Born as Pietro Barbo at Venice, of a wealthy Venetian merchant family, son of Niccolo Barbo and Polixena Condulmer, sister of Pope Eugene IV. Although he studied for a business career he received a religious education and, at the elevation of his uncle to the papacy, entered the ecclesiastical state.
He became Archdeacon of Bologna, Bishop of Cervia and of Vicenza, and in 1440 cardinal-deacon. Noted for his generosity and imposing appearance, the Cardinal of Venice, as he was called, was very influential under Eugene IV, Nicholas V, and Calixtus III, less so under Pius II.
After Pius II had died at Ancona, the cardinals hurried back to Rome and proceeded to hold an election. The conclave was short; after the first ballot the cardinals elected Pietro Barbo, August 30, 1464. He owed his election partly to the dissatisfaction of some of the cardinals with the policy of his predecessor. To this could be traced the oath which Barbo swore to at the conclave, but which he set aside after election, since it was opposed to the constitution of the Church.
He wished to take the name Formosus II, but since that name means handsome, the cardinals dissuaded him out of fear that the people would consider it a vulgar allusion to Pietro's striking good looks. He next chose Mark, but since the second evangelist's name was used as a war cry by the armed forces of Venice, the cardinals likewise vetoed it. Finally he chose Paul II. No one objected to the apostle of the gentiles.
Paul's election was popular, and with reason. He was a large-hearted man who loved to do things for the people. He took very good care of Rome itself. He saw to it that adequate provisions reached the city. He made war on robber barons. He tried to stamp out the vendetta which disgraced the section. Other rulers had done as much, but Paul stands out as a pope who provided not only spiritual and temporal care for the people, but even saw to it that they had fun!
Pageants, glowing with all the color of the Renaissance, delighted the Romans. Games, races, fun for every class marked the holiday season under this genial pontiff. The Pope himself loved to stand at the window of his palace and watch the merrymaking. Paul II delighted in display. He introduced splendid carnival festivities, built the Palace of S. Marco (now Palace Venezia), revised the municipal statutes of Rome, organized relief work among the poor, granted pensions to some cardinals.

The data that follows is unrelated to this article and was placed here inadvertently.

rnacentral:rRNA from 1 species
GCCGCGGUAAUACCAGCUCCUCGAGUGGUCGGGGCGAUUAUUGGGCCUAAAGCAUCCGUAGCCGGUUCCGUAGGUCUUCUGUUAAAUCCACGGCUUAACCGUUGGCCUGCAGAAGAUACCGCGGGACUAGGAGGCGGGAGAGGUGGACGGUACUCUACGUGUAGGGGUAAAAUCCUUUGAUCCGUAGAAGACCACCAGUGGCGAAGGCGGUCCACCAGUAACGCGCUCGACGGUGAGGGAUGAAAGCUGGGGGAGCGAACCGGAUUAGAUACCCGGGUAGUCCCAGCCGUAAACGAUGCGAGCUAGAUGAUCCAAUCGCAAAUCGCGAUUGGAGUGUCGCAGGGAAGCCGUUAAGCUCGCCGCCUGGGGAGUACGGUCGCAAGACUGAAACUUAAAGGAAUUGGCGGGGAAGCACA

His suppression in 1466 of the college of abbreviators aroused much opposition, intensified by a similar measure against the Roman Academy. Paul II was not opposed to Humanistic studies, and this is evidenced by the fact that he protected universities, encouraged the art of printing, and was himself a collector of works of ancient art.
The pope punished the Fraticelli in the Papal States, prosecuted heretics in France and Germany, decreed in 1470 the observance of the jubilee every twenty-five years, and made an unsuccessful attempt at uniting Russia with the Church. The Turkish question received his earnest attention, particularly after the fall of Negropont (1470).
Quite alive to the danger from the Moslem, he welcomed the epic Albanian hero Skanderbeg and sent him home to renew the fight, with a blessing and a substantial sum of money. Like his predecessors, Paul tried to arouse Europe to a sense of its danger, but like his predecessors, he failed. He was very good to those poor refugees from the Ottoman onslaught who had come to Rome for a refuge.
Pope Paul II died suddenly of heart attack, allegedly while being the top in anal intercourse with one of his favorite boys.